Palo Alto Trust Administration and Probate Attorneys
Experienced Estate Settlement Assistance in the Bay Area
Upon death, all assets in your estate must be distributed to beneficiaries. How this distribution takes place will depend on the existence or nonexistence of a trust and/or will.
Our Palo Alto trust administration and probate lawyers have provided professional estate planning guidance to discerning clients since 1983. We are extensively familiar with these complex processes and can offer the sound counsel you need to navigate what is undoubtedly a difficult moment. As innovators and pioneers in our field, our team at Gilfix & La Poll Associates LLP can conduct the estate settlement process with the alacrity, prudence, and respect your loved one deserves. Many of our clients routinely return to us for these services, and we are committed to serving the needs of your family now and in the future.
If your loved one has passed away and you need assistance with settling their estate, do not hesitate to contact us online or call (650) 683-9200.
Why You Need an Estate Plan
Every adult needs an estate plan, even if they are young and in good health. Passing away without crucial estate planning documents in place will result in your having no say in how your assets will be distributed. Instead, your estate property will be distributed in accordance with California’s intestacy laws.
When you die without a will or trust, your assets will be proportionately divided amongst your most immediate surviving relatives. If no family can be located, the state may inherit your property.
Formalizing a trust or will allows you to decide how and to whom your assets will be distributed. Each tool has its own distinct considerations.
We generally and heartily encourage our clients to create living trusts to hold their assets throughout their lifetime. In this arrangement, you will typically serve as your own trustee and have the ability to move assets in and out of the trust while you are alive. When you pass away, your chosen successor trustee will assume management of the trust. You can also appoint an alternate trustee to help you manage the trust’s affairs when you do not wish to or are unable to do so yourself.
A trust’s assets can often be efficiently and frictionlessly distributed to beneficiaries upon the death of the trustor. Assets may include cash, stocks, investments, real estate, personal effects, and more. Trust assets are not subject to probate and are in most circumstances subject to less “red tape.”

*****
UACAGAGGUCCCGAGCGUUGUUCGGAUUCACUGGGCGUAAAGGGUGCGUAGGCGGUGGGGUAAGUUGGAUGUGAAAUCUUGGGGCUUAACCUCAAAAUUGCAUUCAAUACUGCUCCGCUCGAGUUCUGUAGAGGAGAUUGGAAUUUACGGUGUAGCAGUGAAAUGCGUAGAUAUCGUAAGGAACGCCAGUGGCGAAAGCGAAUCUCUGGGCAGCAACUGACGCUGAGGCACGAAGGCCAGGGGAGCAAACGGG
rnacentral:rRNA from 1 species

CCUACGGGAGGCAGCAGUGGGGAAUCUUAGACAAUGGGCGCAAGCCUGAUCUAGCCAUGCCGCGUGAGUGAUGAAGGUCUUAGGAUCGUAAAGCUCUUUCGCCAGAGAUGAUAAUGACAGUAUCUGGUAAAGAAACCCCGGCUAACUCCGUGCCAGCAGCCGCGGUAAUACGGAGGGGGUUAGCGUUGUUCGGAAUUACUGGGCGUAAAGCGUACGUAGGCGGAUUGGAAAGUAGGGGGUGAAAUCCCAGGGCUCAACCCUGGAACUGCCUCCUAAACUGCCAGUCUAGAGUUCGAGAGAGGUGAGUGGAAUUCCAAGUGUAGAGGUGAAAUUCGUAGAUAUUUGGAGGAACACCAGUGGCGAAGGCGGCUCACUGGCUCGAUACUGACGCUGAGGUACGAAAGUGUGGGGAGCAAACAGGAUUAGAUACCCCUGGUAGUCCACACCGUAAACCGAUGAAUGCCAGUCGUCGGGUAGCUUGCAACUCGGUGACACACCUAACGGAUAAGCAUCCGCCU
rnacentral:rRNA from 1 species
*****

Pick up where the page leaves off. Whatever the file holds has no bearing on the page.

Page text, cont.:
Trusts also allow for enhanced flexibility. You have increased control over when and under what circumstances assets are distributed to beneficiaries, even after you have passed away. For example, you might choose to specify that certain assets will be held for minor children until they are of a predetermined age.
Your successor trustee is legally obligated to distribute the trust’s assets in accordance with terms set forth in the trust agreement. These terms are revealed only to the trustees and beneficiaries, preserving your privacy and maintaining discretion. When a trust is appropriately implemented, your successor trustee will also be responsible for settling any outstanding debts or obligations once you have passed away.
Our Palo Alto trust administration and probate attorneys can help you set up your trust and assist successor trustees with each stage of the asset distribution process. We are also available to serve as your successor or alternate trustee.
Certified Specialists in Estate Planning & Elder Law
Co-Founder of the National Association of Elder Law Attorneys
Pioneers in Elder Law & Estate Planning
Hundreds of Millions of Clients' Dollars in Taxes Saved
Thousands of Families in the Community Served
Over 35 Years of Serving the Bay Area
When you pass away without a trust to hold your assets, your estate must go through a court-supervised process known as “probate.” Probate facilitates the legal transfer of property from a deceased person to living persons. All probate activities, including disbursements of assets, are a matter of public record.
If you formalized a will, you will have hopefully named a personal representative to manage your estate. This personal representative will need to petition the applicable court to initiate probate and secure permission to exercise control over your estate assets. If your chosen personal representative is unavailable or unwilling to serve in this capacity, the court will appoint an alternate. The personal representative is responsible for communicating with the court, inventorying and appraising estate property, filing the decedent’s final tax returns, paying creditors, and ultimately distributing assets in accordance with the will’s instructions.
Our Palo Alto trust administration and probate lawyers can support personal representatives struggling to navigate what can be a complex and difficult process. We will leverage our over thirty years of experience to walk you through what steps must be taken, how to fulfill the legal responsibilities of the role, and how to honor the final wishes of the decedent. Our litigators at Gilfix & La Poll Associates LLP can also assist you with will and trust contests.
Contact us online or call (650) 683-9200 to learn more about how we can assist you with probate or trust administration.